Stealing thunder is to take someone else's idea, using it for one's own advantage or to pre-empt the other party.
== Origin ==
The idiom comes from the peevish dramatist John Dennis early in the 18th century, after he had conceived a novel idea for a thunder machine for his unsuccessful 1709 play Appius and Virginia and later found it used at a performance of Macbeth. There is an account of it in The lives of the poets of Great Britain and Ireland by Robert Shiels and Theophilus Cibber:Mr. Dennis happened once to go to the play, when a tragedy was acted, in which the machinery of thunder was introduced, a new artificial method of producing which he had formerly communicated to the managers. Incensed by this circumstance, he cried out in a transport of resentment, 'That is my thunder, by God; the villains will play my thunder, but not my plays.'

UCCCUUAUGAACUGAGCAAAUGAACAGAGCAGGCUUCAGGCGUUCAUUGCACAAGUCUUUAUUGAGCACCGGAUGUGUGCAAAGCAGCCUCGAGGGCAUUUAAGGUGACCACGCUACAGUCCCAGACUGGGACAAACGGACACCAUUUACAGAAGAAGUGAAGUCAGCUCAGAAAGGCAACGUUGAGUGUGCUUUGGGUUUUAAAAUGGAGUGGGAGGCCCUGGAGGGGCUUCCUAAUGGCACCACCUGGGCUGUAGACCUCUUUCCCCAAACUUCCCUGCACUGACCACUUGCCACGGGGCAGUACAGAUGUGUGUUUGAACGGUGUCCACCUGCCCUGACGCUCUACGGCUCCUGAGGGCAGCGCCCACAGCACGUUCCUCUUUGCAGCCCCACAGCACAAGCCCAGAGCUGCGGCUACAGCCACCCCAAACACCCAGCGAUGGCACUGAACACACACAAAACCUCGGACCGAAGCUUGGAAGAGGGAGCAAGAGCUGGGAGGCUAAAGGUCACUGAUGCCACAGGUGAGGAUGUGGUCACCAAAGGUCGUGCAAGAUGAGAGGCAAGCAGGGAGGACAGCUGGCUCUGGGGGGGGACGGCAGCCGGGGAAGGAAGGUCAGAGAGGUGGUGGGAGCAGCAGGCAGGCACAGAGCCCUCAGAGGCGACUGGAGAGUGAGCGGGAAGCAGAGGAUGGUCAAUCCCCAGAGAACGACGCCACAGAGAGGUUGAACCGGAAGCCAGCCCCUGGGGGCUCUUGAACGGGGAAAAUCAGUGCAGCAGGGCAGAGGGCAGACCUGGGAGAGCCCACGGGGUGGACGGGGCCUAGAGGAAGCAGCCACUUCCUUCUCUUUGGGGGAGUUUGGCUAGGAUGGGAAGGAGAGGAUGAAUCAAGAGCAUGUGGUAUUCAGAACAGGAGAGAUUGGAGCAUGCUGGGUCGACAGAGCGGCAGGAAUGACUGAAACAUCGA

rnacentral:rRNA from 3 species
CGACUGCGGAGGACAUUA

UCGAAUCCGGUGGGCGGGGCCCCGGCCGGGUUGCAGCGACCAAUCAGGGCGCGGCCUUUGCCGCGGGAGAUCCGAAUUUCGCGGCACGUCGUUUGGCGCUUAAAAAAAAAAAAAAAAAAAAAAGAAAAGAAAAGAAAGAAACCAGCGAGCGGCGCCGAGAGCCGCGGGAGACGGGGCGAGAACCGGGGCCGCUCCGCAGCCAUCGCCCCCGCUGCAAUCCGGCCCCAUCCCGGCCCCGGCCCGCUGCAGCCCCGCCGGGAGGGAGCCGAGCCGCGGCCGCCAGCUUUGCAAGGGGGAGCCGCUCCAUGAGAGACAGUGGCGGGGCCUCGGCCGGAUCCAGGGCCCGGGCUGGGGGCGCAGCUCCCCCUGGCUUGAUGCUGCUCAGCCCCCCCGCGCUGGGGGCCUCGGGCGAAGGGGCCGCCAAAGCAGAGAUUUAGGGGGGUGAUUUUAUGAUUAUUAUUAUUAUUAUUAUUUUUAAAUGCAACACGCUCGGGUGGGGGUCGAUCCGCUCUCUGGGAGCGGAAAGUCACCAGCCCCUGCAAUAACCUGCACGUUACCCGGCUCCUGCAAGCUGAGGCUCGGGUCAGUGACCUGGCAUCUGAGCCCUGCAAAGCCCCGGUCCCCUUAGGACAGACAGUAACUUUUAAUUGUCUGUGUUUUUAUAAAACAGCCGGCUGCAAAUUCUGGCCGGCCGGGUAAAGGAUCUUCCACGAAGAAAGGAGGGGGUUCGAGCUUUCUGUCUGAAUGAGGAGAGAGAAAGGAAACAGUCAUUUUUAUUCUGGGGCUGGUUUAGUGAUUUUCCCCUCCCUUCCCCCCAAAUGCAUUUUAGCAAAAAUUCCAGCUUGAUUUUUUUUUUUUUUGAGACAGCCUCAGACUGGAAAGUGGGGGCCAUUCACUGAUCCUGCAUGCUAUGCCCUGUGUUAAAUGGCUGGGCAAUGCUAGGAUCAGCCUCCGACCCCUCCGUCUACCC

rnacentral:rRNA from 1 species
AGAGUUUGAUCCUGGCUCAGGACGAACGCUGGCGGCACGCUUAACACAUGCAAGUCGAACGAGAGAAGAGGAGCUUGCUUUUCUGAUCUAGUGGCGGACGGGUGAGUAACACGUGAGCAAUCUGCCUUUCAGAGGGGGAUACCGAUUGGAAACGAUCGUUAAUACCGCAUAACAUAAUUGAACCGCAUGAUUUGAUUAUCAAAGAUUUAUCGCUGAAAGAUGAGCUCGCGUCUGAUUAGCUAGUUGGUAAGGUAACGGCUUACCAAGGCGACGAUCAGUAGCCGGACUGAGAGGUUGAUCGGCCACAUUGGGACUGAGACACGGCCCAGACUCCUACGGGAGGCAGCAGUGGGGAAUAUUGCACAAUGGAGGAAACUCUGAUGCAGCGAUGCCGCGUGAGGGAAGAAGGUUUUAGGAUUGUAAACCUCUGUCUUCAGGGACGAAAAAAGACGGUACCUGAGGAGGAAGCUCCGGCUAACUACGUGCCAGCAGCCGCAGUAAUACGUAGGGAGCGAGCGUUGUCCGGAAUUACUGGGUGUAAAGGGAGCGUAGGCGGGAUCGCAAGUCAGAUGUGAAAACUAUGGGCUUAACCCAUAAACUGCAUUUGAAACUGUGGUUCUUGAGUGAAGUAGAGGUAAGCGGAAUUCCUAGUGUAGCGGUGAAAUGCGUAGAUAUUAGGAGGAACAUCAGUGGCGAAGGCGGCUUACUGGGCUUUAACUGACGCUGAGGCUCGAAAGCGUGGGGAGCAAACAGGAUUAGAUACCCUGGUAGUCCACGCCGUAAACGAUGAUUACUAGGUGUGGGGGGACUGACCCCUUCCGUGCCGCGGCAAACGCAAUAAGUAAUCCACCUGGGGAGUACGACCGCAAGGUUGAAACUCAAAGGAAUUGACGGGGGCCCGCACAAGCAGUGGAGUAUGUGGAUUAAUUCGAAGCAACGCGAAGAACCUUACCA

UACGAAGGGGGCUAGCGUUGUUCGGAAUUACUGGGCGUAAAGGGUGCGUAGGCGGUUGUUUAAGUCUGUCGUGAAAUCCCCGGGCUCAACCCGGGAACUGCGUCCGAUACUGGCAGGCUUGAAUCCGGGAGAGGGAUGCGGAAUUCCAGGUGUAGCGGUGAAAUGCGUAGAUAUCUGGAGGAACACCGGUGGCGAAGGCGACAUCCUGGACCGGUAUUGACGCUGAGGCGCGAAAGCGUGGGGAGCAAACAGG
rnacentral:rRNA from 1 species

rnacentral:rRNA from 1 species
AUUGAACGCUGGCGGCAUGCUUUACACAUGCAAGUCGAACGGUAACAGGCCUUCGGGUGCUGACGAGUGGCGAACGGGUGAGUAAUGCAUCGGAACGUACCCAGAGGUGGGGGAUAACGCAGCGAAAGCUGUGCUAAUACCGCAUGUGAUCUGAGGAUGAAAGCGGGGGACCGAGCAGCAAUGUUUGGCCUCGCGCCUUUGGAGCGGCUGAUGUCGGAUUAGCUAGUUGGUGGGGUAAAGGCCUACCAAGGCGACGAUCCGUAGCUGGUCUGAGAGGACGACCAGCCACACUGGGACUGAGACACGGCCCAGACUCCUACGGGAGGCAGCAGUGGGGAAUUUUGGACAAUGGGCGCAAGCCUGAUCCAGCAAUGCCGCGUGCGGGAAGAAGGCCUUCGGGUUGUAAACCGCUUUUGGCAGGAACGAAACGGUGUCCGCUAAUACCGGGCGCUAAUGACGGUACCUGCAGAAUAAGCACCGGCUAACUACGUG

== Rhetorical use ==
In a contentious situation, such as a court case, political debate or public relations crisis, it is a tactic used to weaken the force of an adverse point. By introducing the point first and being open about it or rebutting it, the force of the opposition's argument is diminished – their thunder is stolen.
== References ==